Hypnosis for smoking cessation: a randomized trial.
http://www.ncbi.nlm.nih.gov/pubmed/18569754
Nicotine Tob Res. 2008 May;10(5):811-8. doi: 10.1080/14622200802023833.
Carmody TP, Duncan C, Simon JA, Solkowitz S, Huggins J, Lee S, Delucchi K.
San Francisco Veterans Affairs Medical Center, University of California, San Francisco, CA, USA.

Abstract
The purpose of this study was to determine whether hypnosis would be more effective in helping smokers quit than standard behavioral counseling when both interventions are combined with nicotine patches (NP). A total of 286 current smokers were enrolled in a randomized controlled smoking cessation trial at the San Francisco Veterans Affairs Medical Center.

Participants in both treatment conditions were seen for two 60-min sessions, and received three follow-up phone calls and 2 months of NP. At 6 months, 29% of the hypnosis group reported 7-day point-prevalence abstinence compared with 23% of the behavioral counseling group (relative risk [RR] = 1.27; 95% confidence interval, CI 0.84-1.92).

Based on biochemical or proxy confirmation, 26% of the participants in the hypnosis group were abstinent at 6 months compared with 18% of the behavioral group (RR = 1.44; 95% CI 0.91-2.30). At 12 months, the self-reported 7-day point-prevalence quit rate was 24% for the hypnosis group and 16% for the behavioral group (RR = 1.47; 95% CI 0.90-2.40). Based on biochemical or proxy confirmation, 20% of the participants in the hypnosis group were abstinent at 12 months compared with 14% of the behavioral group (RR = 1.40; 95% CI 0.81-2.42).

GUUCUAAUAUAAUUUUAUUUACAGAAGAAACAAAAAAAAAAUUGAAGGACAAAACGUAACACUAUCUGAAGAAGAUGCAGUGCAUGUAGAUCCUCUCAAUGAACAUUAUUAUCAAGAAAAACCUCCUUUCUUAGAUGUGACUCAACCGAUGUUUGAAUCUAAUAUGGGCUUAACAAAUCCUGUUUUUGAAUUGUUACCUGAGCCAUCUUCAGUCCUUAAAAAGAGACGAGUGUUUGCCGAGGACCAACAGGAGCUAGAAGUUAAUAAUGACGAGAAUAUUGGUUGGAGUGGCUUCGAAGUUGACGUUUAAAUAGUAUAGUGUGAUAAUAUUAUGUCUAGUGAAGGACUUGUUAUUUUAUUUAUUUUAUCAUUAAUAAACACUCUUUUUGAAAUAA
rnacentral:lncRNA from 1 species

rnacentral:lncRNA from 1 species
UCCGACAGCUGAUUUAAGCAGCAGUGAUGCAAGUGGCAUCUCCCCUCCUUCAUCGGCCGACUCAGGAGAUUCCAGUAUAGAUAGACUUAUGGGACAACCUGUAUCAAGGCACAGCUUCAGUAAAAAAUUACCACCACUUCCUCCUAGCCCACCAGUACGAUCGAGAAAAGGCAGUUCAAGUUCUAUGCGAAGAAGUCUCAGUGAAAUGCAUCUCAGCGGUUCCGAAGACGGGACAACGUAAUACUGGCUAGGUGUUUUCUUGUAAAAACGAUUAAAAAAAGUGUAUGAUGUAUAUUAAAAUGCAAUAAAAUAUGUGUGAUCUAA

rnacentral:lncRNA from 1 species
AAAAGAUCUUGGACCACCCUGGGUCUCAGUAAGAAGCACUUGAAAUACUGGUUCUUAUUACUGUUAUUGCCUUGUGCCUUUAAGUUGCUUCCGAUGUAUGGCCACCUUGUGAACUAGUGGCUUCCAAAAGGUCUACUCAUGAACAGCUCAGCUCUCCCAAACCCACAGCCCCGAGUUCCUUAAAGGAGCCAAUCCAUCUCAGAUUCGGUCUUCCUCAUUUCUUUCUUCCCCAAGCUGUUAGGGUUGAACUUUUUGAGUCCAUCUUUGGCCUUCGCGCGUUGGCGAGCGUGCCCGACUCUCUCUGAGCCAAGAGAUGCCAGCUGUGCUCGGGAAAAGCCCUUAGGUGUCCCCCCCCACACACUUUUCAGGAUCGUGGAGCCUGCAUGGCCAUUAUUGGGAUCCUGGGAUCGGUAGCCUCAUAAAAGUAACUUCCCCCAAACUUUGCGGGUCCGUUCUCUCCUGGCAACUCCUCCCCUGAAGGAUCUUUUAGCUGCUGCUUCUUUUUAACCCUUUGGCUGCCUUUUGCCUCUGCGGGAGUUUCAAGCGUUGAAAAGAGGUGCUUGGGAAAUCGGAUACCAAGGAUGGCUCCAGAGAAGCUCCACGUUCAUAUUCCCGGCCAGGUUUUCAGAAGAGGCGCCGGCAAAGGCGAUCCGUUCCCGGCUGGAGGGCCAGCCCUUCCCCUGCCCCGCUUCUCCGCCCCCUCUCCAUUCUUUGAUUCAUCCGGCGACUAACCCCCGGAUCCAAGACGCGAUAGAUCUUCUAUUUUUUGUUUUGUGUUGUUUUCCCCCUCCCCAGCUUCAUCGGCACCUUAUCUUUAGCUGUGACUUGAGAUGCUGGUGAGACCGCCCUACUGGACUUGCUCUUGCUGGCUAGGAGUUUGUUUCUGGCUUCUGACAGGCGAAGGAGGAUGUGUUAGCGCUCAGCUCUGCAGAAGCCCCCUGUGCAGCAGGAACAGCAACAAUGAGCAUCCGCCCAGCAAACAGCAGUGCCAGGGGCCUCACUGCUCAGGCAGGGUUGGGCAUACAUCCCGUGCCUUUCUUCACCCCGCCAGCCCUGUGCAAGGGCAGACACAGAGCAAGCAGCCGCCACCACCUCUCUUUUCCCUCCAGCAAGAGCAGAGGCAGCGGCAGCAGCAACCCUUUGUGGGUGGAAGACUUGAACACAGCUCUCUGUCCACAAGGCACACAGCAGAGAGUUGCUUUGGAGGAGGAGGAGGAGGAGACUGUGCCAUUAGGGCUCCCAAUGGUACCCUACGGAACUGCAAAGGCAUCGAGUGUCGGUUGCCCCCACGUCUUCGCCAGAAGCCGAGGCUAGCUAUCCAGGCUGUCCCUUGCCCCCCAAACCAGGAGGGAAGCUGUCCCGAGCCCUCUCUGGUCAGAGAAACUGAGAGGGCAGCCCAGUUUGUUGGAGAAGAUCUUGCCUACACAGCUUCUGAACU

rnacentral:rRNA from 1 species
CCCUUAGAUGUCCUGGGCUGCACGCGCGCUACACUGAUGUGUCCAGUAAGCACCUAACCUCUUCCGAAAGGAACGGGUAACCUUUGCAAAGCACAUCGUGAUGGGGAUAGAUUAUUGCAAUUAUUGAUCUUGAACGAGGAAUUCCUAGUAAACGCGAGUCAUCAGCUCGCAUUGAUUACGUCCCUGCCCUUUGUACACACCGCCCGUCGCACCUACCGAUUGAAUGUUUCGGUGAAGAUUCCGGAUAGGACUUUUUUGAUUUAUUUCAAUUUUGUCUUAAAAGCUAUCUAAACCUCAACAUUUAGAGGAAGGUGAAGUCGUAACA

Among participants with a history of depression, hypnosis yielded significantly higher validated point-prevalence quit rates at 6 and 12 months than standard treatment. It was concluded that hypnosis combined with NP compares favorably with standard behavioral counseling in generating long-term quit rates.

Predictors of smoking abstinence following a single-session restructuring intervention with self-hypnosis.
Am J Psychiatry. 1993 Jul;150(7):1090-7.
Spiegel D, Frischholz EJ, Fleiss JL, Spiegel H.
Department of Psychiatry and Behavioral Sciences, Stanford University School of Medicine, CA 94305.

Abstract

OBJECTIVE:
This study examined the relation of smoking and medical history, social support, and hypnotizability to outcome of a smoking cessation program.

METHOD:
A consecutive series of 226 smokers referred for the smoking cessation program were treated with a single-session habit restructuring intervention involving self-hypnosis. They were then followed up for 2 years. Total abstinence from smoking after the intervention was the criterion for successful outcome.

RESULTS:
Fifty-two percent of the study group achieved complete smoking abstinence 1 week after the intervention; 23% maintained their abstinence for 2 years. Hypnotizability and having been previously able to quit smoking for at least a month significantly predicted the initiation of abstinence. Hypnotizability and living with a significant other person predicted 2-year maintenance of treatment response.

CONCLUSIONS:
These results, while modest, are superior to those of spontaneous efforts to stop smoking. Furthermore, they suggest that it is possible to predict which patients are most likely and which are least likely to respond to such brief smoking cessation interventions.